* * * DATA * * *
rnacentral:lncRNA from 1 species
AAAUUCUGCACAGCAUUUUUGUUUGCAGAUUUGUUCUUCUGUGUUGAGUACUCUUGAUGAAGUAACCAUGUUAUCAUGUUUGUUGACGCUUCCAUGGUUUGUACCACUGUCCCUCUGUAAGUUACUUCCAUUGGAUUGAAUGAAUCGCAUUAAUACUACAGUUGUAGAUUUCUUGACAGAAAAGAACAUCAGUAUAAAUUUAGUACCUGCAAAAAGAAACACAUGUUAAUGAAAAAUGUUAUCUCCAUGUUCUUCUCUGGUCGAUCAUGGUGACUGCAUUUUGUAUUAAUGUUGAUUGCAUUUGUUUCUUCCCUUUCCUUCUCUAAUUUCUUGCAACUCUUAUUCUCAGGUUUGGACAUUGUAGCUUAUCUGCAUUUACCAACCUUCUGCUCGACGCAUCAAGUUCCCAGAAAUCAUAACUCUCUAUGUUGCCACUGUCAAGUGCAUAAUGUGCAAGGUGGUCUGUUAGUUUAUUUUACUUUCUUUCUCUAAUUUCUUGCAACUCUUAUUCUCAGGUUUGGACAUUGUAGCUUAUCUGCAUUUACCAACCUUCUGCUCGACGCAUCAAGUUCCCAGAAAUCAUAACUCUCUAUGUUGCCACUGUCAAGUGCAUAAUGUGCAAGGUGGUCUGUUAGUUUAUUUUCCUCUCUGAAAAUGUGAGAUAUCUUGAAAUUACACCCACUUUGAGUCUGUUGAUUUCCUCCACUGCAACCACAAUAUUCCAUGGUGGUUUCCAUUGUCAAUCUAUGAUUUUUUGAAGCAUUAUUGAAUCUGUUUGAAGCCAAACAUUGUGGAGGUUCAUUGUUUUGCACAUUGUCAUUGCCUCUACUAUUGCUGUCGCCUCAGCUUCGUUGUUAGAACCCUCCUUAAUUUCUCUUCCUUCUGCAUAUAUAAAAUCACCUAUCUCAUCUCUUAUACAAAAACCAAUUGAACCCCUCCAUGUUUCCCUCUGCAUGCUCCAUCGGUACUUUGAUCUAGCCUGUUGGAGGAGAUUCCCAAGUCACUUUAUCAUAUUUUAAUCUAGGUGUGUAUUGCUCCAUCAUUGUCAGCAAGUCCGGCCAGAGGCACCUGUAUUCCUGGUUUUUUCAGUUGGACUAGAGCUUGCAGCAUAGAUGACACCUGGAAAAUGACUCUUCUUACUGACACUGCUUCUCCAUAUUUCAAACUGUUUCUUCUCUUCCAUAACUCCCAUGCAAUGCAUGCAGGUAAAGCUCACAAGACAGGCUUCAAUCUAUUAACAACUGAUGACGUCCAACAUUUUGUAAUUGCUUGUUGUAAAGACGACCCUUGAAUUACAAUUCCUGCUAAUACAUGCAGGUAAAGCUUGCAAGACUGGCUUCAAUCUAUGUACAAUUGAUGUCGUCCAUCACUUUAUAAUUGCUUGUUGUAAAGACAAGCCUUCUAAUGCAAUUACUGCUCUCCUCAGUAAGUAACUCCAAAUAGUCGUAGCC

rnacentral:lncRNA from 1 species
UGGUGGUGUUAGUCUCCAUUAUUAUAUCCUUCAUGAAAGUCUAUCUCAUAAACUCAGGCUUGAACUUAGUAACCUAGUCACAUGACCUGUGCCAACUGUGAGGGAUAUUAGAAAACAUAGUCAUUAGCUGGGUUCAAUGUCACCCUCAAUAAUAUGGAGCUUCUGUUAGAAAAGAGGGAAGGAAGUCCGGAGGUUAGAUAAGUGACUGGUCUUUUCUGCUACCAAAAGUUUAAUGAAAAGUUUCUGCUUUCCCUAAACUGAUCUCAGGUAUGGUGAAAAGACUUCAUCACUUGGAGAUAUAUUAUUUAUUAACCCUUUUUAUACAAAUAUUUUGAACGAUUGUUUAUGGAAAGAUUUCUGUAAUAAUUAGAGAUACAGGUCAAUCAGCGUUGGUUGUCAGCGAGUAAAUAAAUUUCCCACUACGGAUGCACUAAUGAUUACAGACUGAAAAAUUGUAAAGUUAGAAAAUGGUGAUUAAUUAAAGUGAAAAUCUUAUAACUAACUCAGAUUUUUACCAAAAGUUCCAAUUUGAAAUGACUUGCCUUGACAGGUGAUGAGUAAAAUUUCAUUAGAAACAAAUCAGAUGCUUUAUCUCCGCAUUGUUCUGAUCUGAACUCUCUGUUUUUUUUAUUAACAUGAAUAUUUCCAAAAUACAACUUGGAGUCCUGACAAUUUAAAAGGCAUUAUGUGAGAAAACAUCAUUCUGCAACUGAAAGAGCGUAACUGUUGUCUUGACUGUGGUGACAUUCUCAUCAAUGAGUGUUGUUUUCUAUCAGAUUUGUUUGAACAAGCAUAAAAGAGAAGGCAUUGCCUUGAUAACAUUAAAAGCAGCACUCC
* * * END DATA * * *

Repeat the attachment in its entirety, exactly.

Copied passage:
rnacentral:lncRNA from 1 species
AAAUUCUGCACAGCAUUUUUGUUUGCAGAUUUGUUCUUCUGUGUUGAGUACUCUUGAUGAAGUAACCAUGUUAUCAUGUUUGUUGACGCUUCCAUGGUUUGUACCACUGUCCCUCUGUAAGUUACUUCCAUUGGAUUGAAUGAAUCGCAUUAAUACUACAGUUGUAGAUUUCUUGACAGAAAAGAACAUCAGUAUAAAUUUAGUACCUGCAAAAAGAAACACAUGUUAAUGAAAAAUGUUAUCUCCAUGUUCUUCUCUGGUCGAUCAUGGUGACUGCAUUUUGUAUUAAUGUUGAUUGCAUUUGUUUCUUCCCUUUCCUUCUCUAAUUUCUUGCAACUCUUAUUCUCAGGUUUGGACAUUGUAGCUUAUCUGCAUUUACCAACCUUCUGCUCGACGCAUCAAGUUCCCAGAAAUCAUAACUCUCUAUGUUGCCACUGUCAAGUGCAUAAUGUGCAAGGUGGUCUGUUAGUUUAUUUUACUUUCUUUCUCUAAUUUCUUGCAACUCUUAUUCUCAGGUUUGGACAUUGUAGCUUAUCUGCAUUUACCAACCUUCUGCUCGACGCAUCAAGUUCCCAGAAAUCAUAACUCUCUAUGUUGCCACUGUCAAGUGCAUAAUGUGCAAGGUGGUCUGUUAGUUUAUUUUCCUCUCUGAAAAUGUGAGAUAUCUUGAAAUUACACCCACUUUGAGUCUGUUGAUUUCCUCCACUGCAACCACAAUAUUCCAUGGUGGUUUCCAUUGUCAAUCUAUGAUUUUUUGAAGCAUUAUUGAAUCUGUUUGAAGCCAAACAUUGUGGAGGUUCAUUGUUUUGCACAUUGUCAUUGCCUCUACUAUUGCUGUCGCCUCAGCUUCGUUGUUAGAACCCUCCUUAAUUUCUCUUCCUUCUGCAUAUAUAAAAUCACCUAUCUCAUCUCUUAUACAAAAACCAAUUGAACCCCUCCAUGUUUCCCUCUGCAUGCUCCAUCGGUACUUUGAUCUAGCCUGUUGGAGGAGAUUCCCAAGUCACUUUAUCAUAUUUUAAUCUAGGUGUGUAUUGCUCCAUCAUUGUCAGCAAGUCCGGCCAGAGGCACCUGUAUUCCUGGUUUUUUCAGUUGGACUAGAGCUUGCAGCAUAGAUGACACCUGGAAAAUGACUCUUCUUACUGACACUGCUUCUCCAUAUUUCAAACUGUUUCUUCUCUUCCAUAACUCCCAUGCAAUGCAUGCAGGUAAAGCUCACAAGACAGGCUUCAAUCUAUUAACAACUGAUGACGUCCAACAUUUUGUAAUUGCUUGUUGUAAAGACGACCCUUGAAUUACAAUUCCUGCUAAUACAUGCAGGUAAAGCUUGCAAGACUGGCUUCAAUCUAUGUACAAUUGAUGUCGUCCAUCACUUUAUAAUUGCUUGUUGUAAAGACAAGCCUUCUAAUGCAAUUACUGCUCUCCUCAGUAAGUAACUCCAAAUAGUCGUAGCC

rnacentral:lncRNA from 1 species
UGGUGGUGUUAGUCUCCAUUAUUAUAUCCUUCAUGAAAGUCUAUCUCAUAAACUCAGGCUUGAACUUAGUAACCUAGUCACAUGACCUGUGCCAACUGUGAGGGAUAUUAGAAAACAUAGUCAUUAGCUGGGUUCAAUGUCACCCUCAAUAAUAUGGAGCUUCUGUUAGAAAAGAGGGAAGGAAGUCCGGAGGUUAGAUAAGUGACUGGUCUUUUCUGCUACCAAAAGUUUAAUGAAAAGUUUCUGCUUUCCCUAAACUGAUCUCAGGUAUGGUGAAAAGACUUCAUCACUUGGAGAUAUAUUAUUUAUUAACCCUUUUUAUACAAAUAUUUUGAACGAUUGUUUAUGGAAAGAUUUCUGUAAUAAUUAGAGAUACAGGUCAAUCAGCGUUGGUUGUCAGCGAGUAAAUAAAUUUCCCACUACGGAUGCACUAAUGAUUACAGACUGAAAAAUUGUAAAGUUAGAAAAUGGUGAUUAAUUAAAGUGAAAAUCUUAUAACUAACUCAGAUUUUUACCAAAAGUUCCAAUUUGAAAUGACUUGCCUUGACAGGUGAUGAGUAAAAUUUCAUUAGAAACAAAUCAGAUGCUUUAUCUCCGCAUUGUUCUGAUCUGAACUCUCUGUUUUUUUUAUUAACAUGAAUAUUUCCAAAAUACAACUUGGAGUCCUGACAAUUUAAAAGGCAUUAUGUGAGAAAACAUCAUUCUGCAACUGAAAGAGCGUAACUGUUGUCUUGACUGUGGUGACAUUCUCAUCAAUGAGUGUUGUUUUCUAUCAGAUUUGUUUGAACAAGCAUAAAAGAGAAGGCAUUGCCUUGAUAACAUUAAAAGCAGCACUCC